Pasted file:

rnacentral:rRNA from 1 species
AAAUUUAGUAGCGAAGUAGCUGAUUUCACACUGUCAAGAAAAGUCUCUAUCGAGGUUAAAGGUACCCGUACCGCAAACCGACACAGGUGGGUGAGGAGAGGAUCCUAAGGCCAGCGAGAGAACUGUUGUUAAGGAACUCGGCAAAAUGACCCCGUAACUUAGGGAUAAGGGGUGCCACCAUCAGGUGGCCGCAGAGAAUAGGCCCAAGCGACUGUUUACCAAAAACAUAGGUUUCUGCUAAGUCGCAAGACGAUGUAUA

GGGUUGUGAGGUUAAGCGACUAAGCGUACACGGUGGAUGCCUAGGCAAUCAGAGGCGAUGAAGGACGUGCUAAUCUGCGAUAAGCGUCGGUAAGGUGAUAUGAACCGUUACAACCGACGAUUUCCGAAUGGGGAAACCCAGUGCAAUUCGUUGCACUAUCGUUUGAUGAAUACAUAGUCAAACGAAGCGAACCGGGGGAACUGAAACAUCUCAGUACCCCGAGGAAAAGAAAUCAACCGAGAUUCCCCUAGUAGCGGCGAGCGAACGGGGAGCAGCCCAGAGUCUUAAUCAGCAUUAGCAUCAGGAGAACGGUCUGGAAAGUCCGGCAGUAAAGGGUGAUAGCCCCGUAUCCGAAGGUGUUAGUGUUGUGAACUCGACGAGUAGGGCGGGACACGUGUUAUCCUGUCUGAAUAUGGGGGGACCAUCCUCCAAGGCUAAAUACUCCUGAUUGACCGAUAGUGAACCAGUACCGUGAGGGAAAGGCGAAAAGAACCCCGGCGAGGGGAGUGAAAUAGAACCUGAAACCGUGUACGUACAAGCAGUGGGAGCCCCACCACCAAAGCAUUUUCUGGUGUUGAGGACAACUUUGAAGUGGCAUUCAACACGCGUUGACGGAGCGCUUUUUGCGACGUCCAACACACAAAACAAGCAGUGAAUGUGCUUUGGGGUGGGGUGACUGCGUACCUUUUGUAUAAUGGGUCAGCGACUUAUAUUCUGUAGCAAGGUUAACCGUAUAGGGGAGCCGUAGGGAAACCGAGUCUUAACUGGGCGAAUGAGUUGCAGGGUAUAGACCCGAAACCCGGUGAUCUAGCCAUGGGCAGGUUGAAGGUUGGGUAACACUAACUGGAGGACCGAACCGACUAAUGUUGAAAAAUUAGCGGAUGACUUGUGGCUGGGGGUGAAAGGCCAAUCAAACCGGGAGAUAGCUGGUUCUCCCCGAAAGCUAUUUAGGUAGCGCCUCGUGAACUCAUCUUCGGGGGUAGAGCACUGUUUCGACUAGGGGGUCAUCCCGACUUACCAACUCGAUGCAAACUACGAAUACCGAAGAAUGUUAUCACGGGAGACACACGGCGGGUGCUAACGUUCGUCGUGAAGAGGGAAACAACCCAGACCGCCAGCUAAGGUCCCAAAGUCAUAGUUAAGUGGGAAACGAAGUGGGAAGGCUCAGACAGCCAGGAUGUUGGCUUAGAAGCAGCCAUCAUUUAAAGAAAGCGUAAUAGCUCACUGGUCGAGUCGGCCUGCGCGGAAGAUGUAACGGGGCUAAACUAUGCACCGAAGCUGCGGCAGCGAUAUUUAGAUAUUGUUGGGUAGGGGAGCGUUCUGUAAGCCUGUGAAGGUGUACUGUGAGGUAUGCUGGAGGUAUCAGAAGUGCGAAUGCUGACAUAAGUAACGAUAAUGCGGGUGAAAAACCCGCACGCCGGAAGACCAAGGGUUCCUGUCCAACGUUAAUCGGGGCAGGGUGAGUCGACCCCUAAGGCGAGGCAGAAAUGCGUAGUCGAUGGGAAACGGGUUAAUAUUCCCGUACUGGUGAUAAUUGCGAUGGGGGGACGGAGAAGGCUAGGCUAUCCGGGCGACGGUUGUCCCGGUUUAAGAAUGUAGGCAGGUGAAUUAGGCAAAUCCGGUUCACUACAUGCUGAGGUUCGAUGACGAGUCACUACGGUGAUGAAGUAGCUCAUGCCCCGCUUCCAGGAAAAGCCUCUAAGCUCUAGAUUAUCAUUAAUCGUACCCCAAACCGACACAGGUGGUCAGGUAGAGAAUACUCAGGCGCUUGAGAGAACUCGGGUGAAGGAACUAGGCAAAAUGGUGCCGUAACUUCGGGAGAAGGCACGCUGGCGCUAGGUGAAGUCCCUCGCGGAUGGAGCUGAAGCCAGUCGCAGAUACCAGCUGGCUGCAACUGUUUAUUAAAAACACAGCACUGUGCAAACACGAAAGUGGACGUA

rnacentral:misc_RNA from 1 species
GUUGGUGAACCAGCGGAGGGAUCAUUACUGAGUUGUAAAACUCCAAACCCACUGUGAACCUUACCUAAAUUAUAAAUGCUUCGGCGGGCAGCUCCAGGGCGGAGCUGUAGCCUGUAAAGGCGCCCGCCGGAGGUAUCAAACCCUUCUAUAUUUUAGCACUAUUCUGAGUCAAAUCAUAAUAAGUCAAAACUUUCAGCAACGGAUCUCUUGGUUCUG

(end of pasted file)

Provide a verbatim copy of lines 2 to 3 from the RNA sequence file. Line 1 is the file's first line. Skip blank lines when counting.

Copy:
AAAUUUAGUAGCGAAGUAGCUGAUUUCACACUGUCAAGAAAAGUCUCUAUCGAGGUUAAAGGUACCCGUACCGCAAACCGACACAGGUGGGUGAGGAGAGGAUCCUAAGGCCAGCGAGAGAACUGUUGUUAAGGAACUCGGCAAAAUGACCCCGUAACUUAGGGAUAAGGGGUGCCACCAUCAGGUGGCCGCAGAGAAUAGGCCCAAGCGACUGUUUACCAAAAACAUAGGUUUCUGCUAAGUCGCAAGACGAUGUAUA

GGGUUGUGAGGUUAAGCGACUAAGCGUACACGGUGGAUGCCUAGGCAAUCAGAGGCGAUGAAGGACGUGCUAAUCUGCGAUAAGCGUCGGUAAGGUGAUAUGAACCGUUACAACCGACGAUUUCCGAAUGGGGAAACCCAGUGCAAUUCGUUGCACUAUCGUUUGAUGAAUACAUAGUCAAACGAAGCGAACCGGGGGAACUGAAACAUCUCAGUACCCCGAGGAAAAGAAAUCAACCGAGAUUCCCCUAGUAGCGGCGAGCGAACGGGGAGCAGCCCAGAGUCUUAAUCAGCAUUAGCAUCAGGAGAACGGUCUGGAAAGUCCGGCAGUAAAGGGUGAUAGCCCCGUAUCCGAAGGUGUUAGUGUUGUGAACUCGACGAGUAGGGCGGGACACGUGUUAUCCUGUCUGAAUAUGGGGGGACCAUCCUCCAAGGCUAAAUACUCCUGAUUGACCGAUAGUGAACCAGUACCGUGAGGGAAAGGCGAAAAGAACCCCGGCGAGGGGAGUGAAAUAGAACCUGAAACCGUGUACGUACAAGCAGUGGGAGCCCCACCACCAAAGCAUUUUCUGGUGUUGAGGACAACUUUGAAGUGGCAUUCAACACGCGUUGACGGAGCGCUUUUUGCGACGUCCAACACACAAAACAAGCAGUGAAUGUGCUUUGGGGUGGGGUGACUGCGUACCUUUUGUAUAAUGGGUCAGCGACUUAUAUUCUGUAGCAAGGUUAACCGUAUAGGGGAGCCGUAGGGAAACCGAGUCUUAACUGGGCGAAUGAGUUGCAGGGUAUAGACCCGAAACCCGGUGAUCUAGCCAUGGGCAGGUUGAAGGUUGGGUAACACUAACUGGAGGACCGAACCGACUAAUGUUGAAAAAUUAGCGGAUGACUUGUGGCUGGGGGUGAAAGGCCAAUCAAACCGGGAGAUAGCUGGUUCUCCCCGAAAGCUAUUUAGGUAGCGCCUCGUGAACUCAUCUUCGGGGGUAGAGCACUGUUUCGACUAGGGGGUCAUCCCGACUUACCAACUCGAUGCAAACUACGAAUACCGAAGAAUGUUAUCACGGGAGACACACGGCGGGUGCUAACGUUCGUCGUGAAGAGGGAAACAACCCAGACCGCCAGCUAAGGUCCCAAAGUCAUAGUUAAGUGGGAAACGAAGUGGGAAGGCUCAGACAGCCAGGAUGUUGGCUUAGAAGCAGCCAUCAUUUAAAGAAAGCGUAAUAGCUCACUGGUCGAGUCGGCCUGCGCGGAAGAUGUAACGGGGCUAAACUAUGCACCGAAGCUGCGGCAGCGAUAUUUAGAUAUUGUUGGGUAGGGGAGCGUUCUGUAAGCCUGUGAAGGUGUACUGUGAGGUAUGCUGGAGGUAUCAGAAGUGCGAAUGCUGACAUAAGUAACGAUAAUGCGGGUGAAAAACCCGCACGCCGGAAGACCAAGGGUUCCUGUCCAACGUUAAUCGGGGCAGGGUGAGUCGACCCCUAAGGCGAGGCAGAAAUGCGUAGUCGAUGGGAAACGGGUUAAUAUUCCCGUACUGGUGAUAAUUGCGAUGGGGGGACGGAGAAGGCUAGGCUAUCCGGGCGACGGUUGUCCCGGUUUAAGAAUGUAGGCAGGUGAAUUAGGCAAAUCCGGUUCACUACAUGCUGAGGUUCGAUGACGAGUCACUACGGUGAUGAAGUAGCUCAUGCCCCGCUUCCAGGAAAAGCCUCUAAGCUCUAGAUUAUCAUUAAUCGUACCCCAAACCGACACAGGUGGUCAGGUAGAGAAUACUCAGGCGCUUGAGAGAACUCGGGUGAAGGAACUAGGCAAAAUGGUGCCGUAACUUCGGGAGAAGGCACGCUGGCGCUAGGUGAAGUCCCUCGCGGAUGGAGCUGAAGCCAGUCGCAGAUACCAGCUGGCUGCAACUGUUUAUUAAAAACACAGCACUGUGCAAACACGAAAGUGGACGUA